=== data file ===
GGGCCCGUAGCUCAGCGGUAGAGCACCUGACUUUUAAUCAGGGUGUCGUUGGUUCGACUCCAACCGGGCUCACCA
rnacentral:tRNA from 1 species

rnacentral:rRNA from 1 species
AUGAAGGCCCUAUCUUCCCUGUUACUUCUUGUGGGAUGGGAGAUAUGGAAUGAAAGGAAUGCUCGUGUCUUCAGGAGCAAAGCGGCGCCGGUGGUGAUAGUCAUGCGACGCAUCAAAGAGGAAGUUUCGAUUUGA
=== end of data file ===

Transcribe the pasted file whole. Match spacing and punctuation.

GGGCCCGUAGCUCAGCGGUAGAGCACCUGACUUUUAAUCAGGGUGUCGUUGGUUCGACUCCAACCGGGCUCACCA
rnacentral:tRNA from 1 species

rnacentral:rRNA from 1 species
AUGAAGGCCCUAUCUUCCCUGUUACUUCUUGUGGGAUGGGAGAUAUGGAAUGAAAGGAAUGCUCGUGUCUUCAGGAGCAAAGCGGCGCCGGUGGUGAUAGUCAUGCGACGCAUCAAAGAGGAAGUUUCGAUUUGA